Unsupported browser

For a better experience please update your browser to its latest version.

Your browser appears to have cookies disabled. For the best experience of this website, please enable cookies in your browser

We'll assume we have your consent to use cookies, for example so you won't need to log in each time you visit our site.
Learn more

New planning rules to protect City from residential development

City of London
  • 1 Comment

London mayor Boris Johnson today published new guidance aimed at better protecting the capital’s commercial areas from encroaching residential development

A supplementary planning guidance to the London Plan covering the central activities zone (CAZ) outlines a hierarchy of areas where local authorities will be expected to direct housing.

For the first time, planning policy states that homes are not appropriate in ‘commercial core areas’ of the City of London, along with the ‘commercial core’ of the north of the Isle of Dogs.

Speaking at MIPIM, the international property conference being held in Cannes, Johnson said: ‘The heart of the capital is the foundation of London’s reputation as best city in the world in which to do business.

‘While we continue to do all we can to increase housing supply city-wide, it is also vital that we protect our office space so central London continues to be a key generator of economic prosperity for the entire country.’

Outside the core commercial areas in the City and Docklands, a second tier would require offices to be given greater weight compared to housing.

This zone includes other parts of the City and Isle of Dogs, the West End, Soho, Covent Garden, Marlyebone and Fitzrovia plus a number of specific areas which are designated for intensification.

The third tier, where offices and housing can be given equal weight, include Vauxhall, Nine Elms, Battersea, the Elephant & Castle and Old Kent Road, along with other predominantly residential neighbourhoods and streets.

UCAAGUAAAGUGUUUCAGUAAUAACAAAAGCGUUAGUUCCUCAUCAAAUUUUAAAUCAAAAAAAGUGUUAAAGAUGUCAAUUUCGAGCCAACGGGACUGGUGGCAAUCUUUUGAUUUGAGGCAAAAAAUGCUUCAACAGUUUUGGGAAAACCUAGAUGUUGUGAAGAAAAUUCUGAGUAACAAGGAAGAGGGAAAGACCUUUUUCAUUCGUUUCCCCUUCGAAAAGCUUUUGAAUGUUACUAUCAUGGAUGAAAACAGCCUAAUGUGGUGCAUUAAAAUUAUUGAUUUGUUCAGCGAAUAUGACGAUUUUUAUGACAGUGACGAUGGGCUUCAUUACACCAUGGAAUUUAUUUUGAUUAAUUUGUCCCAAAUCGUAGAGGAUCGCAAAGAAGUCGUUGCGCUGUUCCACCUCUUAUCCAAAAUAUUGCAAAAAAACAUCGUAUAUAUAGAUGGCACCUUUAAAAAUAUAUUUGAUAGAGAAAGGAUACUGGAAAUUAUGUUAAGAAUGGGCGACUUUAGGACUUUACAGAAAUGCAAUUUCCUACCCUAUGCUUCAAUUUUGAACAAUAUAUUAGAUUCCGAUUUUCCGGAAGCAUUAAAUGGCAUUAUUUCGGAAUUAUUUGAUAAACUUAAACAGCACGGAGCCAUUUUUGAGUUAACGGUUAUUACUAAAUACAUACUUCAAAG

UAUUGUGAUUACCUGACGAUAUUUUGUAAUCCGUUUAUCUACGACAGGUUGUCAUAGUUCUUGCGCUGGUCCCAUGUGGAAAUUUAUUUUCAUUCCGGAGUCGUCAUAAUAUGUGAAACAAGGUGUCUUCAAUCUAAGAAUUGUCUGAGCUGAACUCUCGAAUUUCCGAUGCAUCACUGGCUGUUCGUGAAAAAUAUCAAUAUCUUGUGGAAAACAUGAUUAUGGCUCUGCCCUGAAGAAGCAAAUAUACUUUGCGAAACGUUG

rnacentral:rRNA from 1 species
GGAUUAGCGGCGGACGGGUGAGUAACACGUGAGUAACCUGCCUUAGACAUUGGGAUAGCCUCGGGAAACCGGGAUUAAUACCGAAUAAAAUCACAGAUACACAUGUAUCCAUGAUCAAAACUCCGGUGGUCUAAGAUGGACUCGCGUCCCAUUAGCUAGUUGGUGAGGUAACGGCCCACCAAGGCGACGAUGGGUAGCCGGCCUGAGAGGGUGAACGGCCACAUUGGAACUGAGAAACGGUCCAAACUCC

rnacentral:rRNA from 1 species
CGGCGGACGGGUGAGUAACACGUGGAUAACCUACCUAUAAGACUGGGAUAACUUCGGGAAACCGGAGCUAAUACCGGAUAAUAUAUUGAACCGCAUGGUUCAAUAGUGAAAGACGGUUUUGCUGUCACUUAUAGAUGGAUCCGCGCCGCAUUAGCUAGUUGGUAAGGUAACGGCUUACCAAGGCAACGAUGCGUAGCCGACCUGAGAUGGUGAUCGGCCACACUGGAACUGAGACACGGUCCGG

The document said: ‘Whilst high office values in some central areas provide scope to support a mix of uses and contribute towards meeting London’s housing need, increasing residential values within the CAZ are leading to pressures on existing office floorspace.

‘Cumulatively, the loss of office stock within the CAZ to residential development has the potential to undermine the strategic functions of the CAZ and its offer as a competitive national and global business location.’

Johnson has also published new housing supplementary planning guidance which aims to provide direction on encouraging private rental development and on viability appraisals, as well as identifying sites for new homes.

  • 1 Comment

Readers' comments (1)

  • Chris Rogers

    "This zone includes other parts of the City and Isle of Dogs, the West End, Soho, Covent Garden, Marlyebone and Fitzrovia " Wow, seriously? Those are just about the most perfect places to live and work, and Fitzrovia especially and Covent G etc thrive on that mix. Staggering. And what about sustainability? Or is it irrelevant now we've spent billions on Crossrail?

    Unsuitable or offensive? Report this comment

Have your say

You must sign in to make a comment

Please remember that the submission of any material is governed by our Terms and Conditions and by submitting material you confirm your agreement to these Terms and Conditions.

Links may be included in your comments but HTML is not permitted.